Some people will tell you that all of it was propaganda, that she was just a pawn in someone else’s game, but the letter—the original letter—was real. It came from a real place of fear. The threat used to be so tangible. I was prepared to lose the people I loved best. My mother, with her fuzzy hair and lemon-colored corduroys; our dog, Pip; and Jenny. Always Jenny, whose last act must have been storing her tray table in its upright and locked position. Yuri Andropov wished her the best in her young life. Maybe this blessing was a curse.
Or maybe her luck just ran out.
THE FIRST DEFECTOR was my sister.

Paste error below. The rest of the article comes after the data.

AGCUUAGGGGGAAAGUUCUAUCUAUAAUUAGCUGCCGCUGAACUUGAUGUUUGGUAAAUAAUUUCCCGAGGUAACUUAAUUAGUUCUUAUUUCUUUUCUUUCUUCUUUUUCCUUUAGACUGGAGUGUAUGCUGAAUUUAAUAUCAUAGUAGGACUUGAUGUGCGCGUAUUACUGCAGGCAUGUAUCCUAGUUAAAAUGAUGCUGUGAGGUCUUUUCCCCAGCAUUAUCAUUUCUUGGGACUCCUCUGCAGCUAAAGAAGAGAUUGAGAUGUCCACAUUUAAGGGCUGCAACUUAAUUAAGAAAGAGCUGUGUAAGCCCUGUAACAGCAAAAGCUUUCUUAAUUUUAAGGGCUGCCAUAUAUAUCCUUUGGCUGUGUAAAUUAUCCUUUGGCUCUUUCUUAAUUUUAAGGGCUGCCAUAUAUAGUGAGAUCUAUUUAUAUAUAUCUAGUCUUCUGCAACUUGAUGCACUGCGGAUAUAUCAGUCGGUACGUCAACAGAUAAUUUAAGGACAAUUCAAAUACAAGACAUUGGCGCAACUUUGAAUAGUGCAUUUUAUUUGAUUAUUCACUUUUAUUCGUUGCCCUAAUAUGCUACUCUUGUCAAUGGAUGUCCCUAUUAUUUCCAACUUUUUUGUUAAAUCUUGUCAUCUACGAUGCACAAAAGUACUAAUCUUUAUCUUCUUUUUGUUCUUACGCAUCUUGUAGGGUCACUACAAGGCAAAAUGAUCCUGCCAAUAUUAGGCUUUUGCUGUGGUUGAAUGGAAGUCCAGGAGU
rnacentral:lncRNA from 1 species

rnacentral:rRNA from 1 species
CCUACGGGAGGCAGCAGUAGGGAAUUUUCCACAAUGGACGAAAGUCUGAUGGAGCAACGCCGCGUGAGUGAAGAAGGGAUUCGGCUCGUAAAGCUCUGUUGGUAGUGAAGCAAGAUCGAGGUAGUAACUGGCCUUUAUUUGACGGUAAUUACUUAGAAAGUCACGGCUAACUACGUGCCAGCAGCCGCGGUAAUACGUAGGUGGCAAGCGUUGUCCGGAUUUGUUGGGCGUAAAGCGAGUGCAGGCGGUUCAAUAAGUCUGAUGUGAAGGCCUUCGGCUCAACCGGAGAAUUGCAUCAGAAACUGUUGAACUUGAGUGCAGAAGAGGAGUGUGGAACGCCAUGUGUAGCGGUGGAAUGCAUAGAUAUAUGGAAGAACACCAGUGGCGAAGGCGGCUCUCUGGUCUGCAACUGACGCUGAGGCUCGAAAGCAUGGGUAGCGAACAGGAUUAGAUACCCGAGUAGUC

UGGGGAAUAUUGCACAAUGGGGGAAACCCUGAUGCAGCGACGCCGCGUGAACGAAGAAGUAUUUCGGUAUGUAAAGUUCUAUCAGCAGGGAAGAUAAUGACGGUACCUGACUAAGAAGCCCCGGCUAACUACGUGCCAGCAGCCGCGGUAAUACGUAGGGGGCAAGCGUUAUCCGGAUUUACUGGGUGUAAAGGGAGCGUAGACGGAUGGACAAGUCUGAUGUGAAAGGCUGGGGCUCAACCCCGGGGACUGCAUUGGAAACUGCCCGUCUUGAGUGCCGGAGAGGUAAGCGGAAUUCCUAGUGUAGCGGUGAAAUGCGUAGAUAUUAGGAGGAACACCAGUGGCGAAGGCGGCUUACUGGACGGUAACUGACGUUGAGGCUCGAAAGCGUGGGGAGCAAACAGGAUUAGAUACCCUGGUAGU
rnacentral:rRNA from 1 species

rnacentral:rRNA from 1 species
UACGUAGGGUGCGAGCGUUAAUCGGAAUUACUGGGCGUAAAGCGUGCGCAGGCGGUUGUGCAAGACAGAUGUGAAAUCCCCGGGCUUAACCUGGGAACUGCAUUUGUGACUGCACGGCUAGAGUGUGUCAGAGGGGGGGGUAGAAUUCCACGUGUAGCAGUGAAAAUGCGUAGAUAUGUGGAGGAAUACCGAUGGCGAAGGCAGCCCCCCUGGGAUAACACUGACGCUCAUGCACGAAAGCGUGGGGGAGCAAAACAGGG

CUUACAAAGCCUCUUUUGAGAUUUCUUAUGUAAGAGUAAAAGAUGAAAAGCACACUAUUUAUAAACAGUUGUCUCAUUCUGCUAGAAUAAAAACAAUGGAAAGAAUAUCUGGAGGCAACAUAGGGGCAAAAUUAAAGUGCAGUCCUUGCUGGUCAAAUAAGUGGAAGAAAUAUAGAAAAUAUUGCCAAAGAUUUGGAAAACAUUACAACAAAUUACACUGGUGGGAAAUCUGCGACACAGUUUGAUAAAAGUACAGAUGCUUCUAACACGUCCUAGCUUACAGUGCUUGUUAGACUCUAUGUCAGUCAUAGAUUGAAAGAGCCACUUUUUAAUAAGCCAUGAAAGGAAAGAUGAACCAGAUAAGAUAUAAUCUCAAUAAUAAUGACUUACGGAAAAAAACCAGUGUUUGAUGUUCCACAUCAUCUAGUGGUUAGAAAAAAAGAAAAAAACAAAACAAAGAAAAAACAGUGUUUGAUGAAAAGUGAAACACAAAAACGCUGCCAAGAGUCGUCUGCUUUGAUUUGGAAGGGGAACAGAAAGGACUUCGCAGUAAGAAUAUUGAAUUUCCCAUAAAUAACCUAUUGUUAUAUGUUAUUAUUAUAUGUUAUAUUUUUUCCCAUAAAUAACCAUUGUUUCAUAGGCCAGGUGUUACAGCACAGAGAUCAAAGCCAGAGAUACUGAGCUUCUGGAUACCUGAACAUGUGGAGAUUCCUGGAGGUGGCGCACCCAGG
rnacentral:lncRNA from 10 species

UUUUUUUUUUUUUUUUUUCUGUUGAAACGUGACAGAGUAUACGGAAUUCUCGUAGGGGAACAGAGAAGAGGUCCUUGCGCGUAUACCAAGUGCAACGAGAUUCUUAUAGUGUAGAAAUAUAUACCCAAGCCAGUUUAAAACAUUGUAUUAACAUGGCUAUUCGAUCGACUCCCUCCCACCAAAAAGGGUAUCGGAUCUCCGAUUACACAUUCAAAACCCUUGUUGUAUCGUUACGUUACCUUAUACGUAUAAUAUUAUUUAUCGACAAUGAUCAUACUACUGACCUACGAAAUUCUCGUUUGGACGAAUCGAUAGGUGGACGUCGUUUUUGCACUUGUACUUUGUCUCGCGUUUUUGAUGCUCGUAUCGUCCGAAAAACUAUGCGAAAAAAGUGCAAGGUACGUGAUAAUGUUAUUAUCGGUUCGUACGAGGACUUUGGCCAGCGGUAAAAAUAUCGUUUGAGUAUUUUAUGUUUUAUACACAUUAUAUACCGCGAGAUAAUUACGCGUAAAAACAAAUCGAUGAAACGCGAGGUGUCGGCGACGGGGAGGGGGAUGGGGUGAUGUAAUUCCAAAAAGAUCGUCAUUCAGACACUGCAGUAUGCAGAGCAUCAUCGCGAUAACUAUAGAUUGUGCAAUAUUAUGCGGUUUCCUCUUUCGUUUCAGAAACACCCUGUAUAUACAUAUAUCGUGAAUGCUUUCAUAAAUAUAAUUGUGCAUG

I don’t remember her, but I have watched the surviving Super 8 footage so many times that the scenes have seared themselves on my brain like memories. In the film, Isabel (Izzy, for short), four years old, dances on a beach. She is twirling, around and around and around again, until she falls in the sand. There is grace in her fall; she does not tumble in a heap but composes herself like a ballerina. She wears a bathing suit with the stars-and-stripes design that the U.S. swim team wore in the 1972 Summer Games in Munich. It is the same suit that Mark Spitz wore when he swam to gold seven times. On Izzy the Speedo bunches near her armpits but is taut across her stomach. Her body has already lost most of its toddler pudge. Her legs are long and lean and are beginning to show muscle definition. My parents were both athletes; Izzy’s coordination and flexibility suggest that she, too, will win many races. But her belly still protrudes slightly like a baby’s, and there are small pockets of fat on her upper thighs. Her hair is startlingly blond and tousled by the wind. Her eyes are green and transparent as sea glass. Behind her the ocean is calm. Her expression betrays—already!—a hint of skepticism. She is the sort of child who is universally declared beautiful. She looks directly at the camera, unafraid of meeting its gaze. My mother hovers at the right side of the frame in sunglasses and a wide-brimmed straw hat. She wears a pink paisley bikini, and she holds me, a juicy nine-month-old with a half-gnawed banana in my right hand, on her lap. The camera rests for a moment on my face, but I am blurry, and before the focus can be adjusted, the lens turns abruptly back to Izzy, who is kneeling in the sand, strangely reverent and, judging from her moving lips and rhythmically tilting head, singing something. The camera pans to my mother once more. She is laughing, head thrown back.